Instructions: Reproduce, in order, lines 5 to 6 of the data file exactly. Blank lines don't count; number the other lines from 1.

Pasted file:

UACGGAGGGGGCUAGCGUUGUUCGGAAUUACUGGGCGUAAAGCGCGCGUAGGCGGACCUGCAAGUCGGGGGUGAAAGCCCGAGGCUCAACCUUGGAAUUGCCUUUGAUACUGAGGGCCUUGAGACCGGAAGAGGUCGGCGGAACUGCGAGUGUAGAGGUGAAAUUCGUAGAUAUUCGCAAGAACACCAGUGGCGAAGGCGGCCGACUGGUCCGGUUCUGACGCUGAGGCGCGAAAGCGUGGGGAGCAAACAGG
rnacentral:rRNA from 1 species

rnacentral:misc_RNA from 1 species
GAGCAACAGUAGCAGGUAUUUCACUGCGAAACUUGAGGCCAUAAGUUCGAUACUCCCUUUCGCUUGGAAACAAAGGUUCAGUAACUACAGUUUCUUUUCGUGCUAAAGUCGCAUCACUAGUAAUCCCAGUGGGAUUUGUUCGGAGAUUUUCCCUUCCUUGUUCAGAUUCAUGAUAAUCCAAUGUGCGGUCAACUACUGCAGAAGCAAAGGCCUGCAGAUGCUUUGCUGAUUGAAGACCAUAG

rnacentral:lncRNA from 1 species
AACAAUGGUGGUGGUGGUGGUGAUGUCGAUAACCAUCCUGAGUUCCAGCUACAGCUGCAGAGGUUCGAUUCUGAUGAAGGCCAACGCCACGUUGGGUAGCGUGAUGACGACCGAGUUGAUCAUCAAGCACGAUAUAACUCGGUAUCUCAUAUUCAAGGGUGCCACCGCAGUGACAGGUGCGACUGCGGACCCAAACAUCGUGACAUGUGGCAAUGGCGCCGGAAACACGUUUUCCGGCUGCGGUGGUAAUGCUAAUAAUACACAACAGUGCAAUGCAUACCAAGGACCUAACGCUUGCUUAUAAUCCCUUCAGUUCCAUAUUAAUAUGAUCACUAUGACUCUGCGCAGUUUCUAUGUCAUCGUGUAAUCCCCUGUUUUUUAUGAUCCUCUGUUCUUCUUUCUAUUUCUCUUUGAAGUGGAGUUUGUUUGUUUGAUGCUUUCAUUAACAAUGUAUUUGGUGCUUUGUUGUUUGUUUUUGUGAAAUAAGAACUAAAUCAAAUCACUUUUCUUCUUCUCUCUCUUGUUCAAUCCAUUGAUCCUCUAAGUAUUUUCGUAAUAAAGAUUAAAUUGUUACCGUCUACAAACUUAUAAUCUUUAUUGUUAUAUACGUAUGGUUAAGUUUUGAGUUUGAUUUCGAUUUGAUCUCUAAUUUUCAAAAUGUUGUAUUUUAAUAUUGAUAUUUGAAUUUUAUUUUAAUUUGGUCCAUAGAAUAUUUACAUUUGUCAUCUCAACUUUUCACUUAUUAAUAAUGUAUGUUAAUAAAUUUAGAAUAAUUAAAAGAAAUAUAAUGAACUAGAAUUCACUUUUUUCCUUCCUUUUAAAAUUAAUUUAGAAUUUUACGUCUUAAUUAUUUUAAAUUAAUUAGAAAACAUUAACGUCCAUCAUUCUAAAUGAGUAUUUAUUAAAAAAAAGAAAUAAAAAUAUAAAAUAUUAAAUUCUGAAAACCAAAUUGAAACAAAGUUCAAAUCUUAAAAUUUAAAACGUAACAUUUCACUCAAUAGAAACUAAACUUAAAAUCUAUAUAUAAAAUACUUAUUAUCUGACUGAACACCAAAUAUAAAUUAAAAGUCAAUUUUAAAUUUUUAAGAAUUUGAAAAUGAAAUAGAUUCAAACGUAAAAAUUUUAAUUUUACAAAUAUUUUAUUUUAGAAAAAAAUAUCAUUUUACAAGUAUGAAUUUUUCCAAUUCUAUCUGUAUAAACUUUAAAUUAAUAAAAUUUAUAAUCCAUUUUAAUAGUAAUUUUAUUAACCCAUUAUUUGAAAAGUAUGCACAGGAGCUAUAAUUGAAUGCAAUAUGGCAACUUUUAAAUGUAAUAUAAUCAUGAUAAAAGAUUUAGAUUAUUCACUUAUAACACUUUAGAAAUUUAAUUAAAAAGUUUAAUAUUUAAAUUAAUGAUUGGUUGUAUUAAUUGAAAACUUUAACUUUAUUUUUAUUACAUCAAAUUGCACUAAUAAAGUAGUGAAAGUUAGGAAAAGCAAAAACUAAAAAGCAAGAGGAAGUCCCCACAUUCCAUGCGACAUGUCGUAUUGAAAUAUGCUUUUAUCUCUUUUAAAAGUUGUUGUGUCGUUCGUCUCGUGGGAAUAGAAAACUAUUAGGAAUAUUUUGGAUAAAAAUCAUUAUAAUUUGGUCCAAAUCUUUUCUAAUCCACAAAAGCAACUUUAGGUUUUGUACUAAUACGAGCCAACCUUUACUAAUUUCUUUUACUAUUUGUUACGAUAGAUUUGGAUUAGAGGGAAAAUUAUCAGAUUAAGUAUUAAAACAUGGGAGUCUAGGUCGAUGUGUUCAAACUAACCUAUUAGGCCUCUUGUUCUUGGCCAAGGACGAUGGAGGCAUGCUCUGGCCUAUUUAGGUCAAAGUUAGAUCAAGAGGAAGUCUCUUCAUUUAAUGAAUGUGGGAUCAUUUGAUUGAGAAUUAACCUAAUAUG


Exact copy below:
rnacentral:lncRNA from 1 species
AACAAUGGUGGUGGUGGUGGUGAUGUCGAUAACCAUCCUGAGUUCCAGCUACAGCUGCAGAGGUUCGAUUCUGAUGAAGGCCAACGCCACGUUGGGUAGCGUGAUGACGACCGAGUUGAUCAUCAAGCACGAUAUAACUCGGUAUCUCAUAUUCAAGGGUGCCACCGCAGUGACAGGUGCGACUGCGGACCCAAACAUCGUGACAUGUGGCAAUGGCGCCGGAAACACGUUUUCCGGCUGCGGUGGUAAUGCUAAUAAUACACAACAGUGCAAUGCAUACCAAGGACCUAACGCUUGCUUAUAAUCCCUUCAGUUCCAUAUUAAUAUGAUCACUAUGACUCUGCGCAGUUUCUAUGUCAUCGUGUAAUCCCCUGUUUUUUAUGAUCCUCUGUUCUUCUUUCUAUUUCUCUUUGAAGUGGAGUUUGUUUGUUUGAUGCUUUCAUUAACAAUGUAUUUGGUGCUUUGUUGUUUGUUUUUGUGAAAUAAGAACUAAAUCAAAUCACUUUUCUUCUUCUCUCUCUUGUUCAAUCCAUUGAUCCUCUAAGUAUUUUCGUAAUAAAGAUUAAAUUGUUACCGUCUACAAACUUAUAAUCUUUAUUGUUAUAUACGUAUGGUUAAGUUUUGAGUUUGAUUUCGAUUUGAUCUCUAAUUUUCAAAAUGUUGUAUUUUAAUAUUGAUAUUUGAAUUUUAUUUUAAUUUGGUCCAUAGAAUAUUUACAUUUGUCAUCUCAACUUUUCACUUAUUAAUAAUGUAUGUUAAUAAAUUUAGAAUAAUUAAAAGAAAUAUAAUGAACUAGAAUUCACUUUUUUCCUUCCUUUUAAAAUUAAUUUAGAAUUUUACGUCUUAAUUAUUUUAAAUUAAUUAGAAAACAUUAACGUCCAUCAUUCUAAAUGAGUAUUUAUUAAAAAAAAGAAAUAAAAAUAUAAAAUAUUAAAUUCUGAAAACCAAAUUGAAACAAAGUUCAAAUCUUAAAAUUUAAAACGUAACAUUUCACUCAAUAGAAACUAAACUUAAAAUCUAUAUAUAAAAUACUUAUUAUCUGACUGAACACCAAAUAUAAAUUAAAAGUCAAUUUUAAAUUUUUAAGAAUUUGAAAAUGAAAUAGAUUCAAACGUAAAAAUUUUAAUUUUACAAAUAUUUUAUUUUAGAAAAAAAUAUCAUUUUACAAGUAUGAAUUUUUCCAAUUCUAUCUGUAUAAACUUUAAAUUAAUAAAAUUUAUAAUCCAUUUUAAUAGUAAUUUUAUUAACCCAUUAUUUGAAAAGUAUGCACAGGAGCUAUAAUUGAAUGCAAUAUGGCAACUUUUAAAUGUAAUAUAAUCAUGAUAAAAGAUUUAGAUUAUUCACUUAUAACACUUUAGAAAUUUAAUUAAAAAGUUUAAUAUUUAAAUUAAUGAUUGGUUGUAUUAAUUGAAAACUUUAACUUUAUUUUUAUUACAUCAAAUUGCACUAAUAAAGUAGUGAAAGUUAGGAAAAGCAAAAACUAAAAAGCAAGAGGAAGUCCCCACAUUCCAUGCGACAUGUCGUAUUGAAAUAUGCUUUUAUCUCUUUUAAAAGUUGUUGUGUCGUUCGUCUCGUGGGAAUAGAAAACUAUUAGGAAUAUUUUGGAUAAAAAUCAUUAUAAUUUGGUCCAAAUCUUUUCUAAUCCACAAAAGCAACUUUAGGUUUUGUACUAAUACGAGCCAACCUUUACUAAUUUCUUUUACUAUUUGUUACGAUAGAUUUGGAUUAGAGGGAAAAUUAUCAGAUUAAGUAUUAAAACAUGGGAGUCUAGGUCGAUGUGUUCAAACUAACCUAUUAGGCCUCUUGUUCUUGGCCAAGGACGAUGGAGGCAUGCUCUGGCCUAUUUAGGUCAAAGUUAGAUCAAGAGGAAGUCUCUUCAUUUAAUGAAUGUGGGAUCAUUUGAUUGAGAAUUAACCUAAUAUG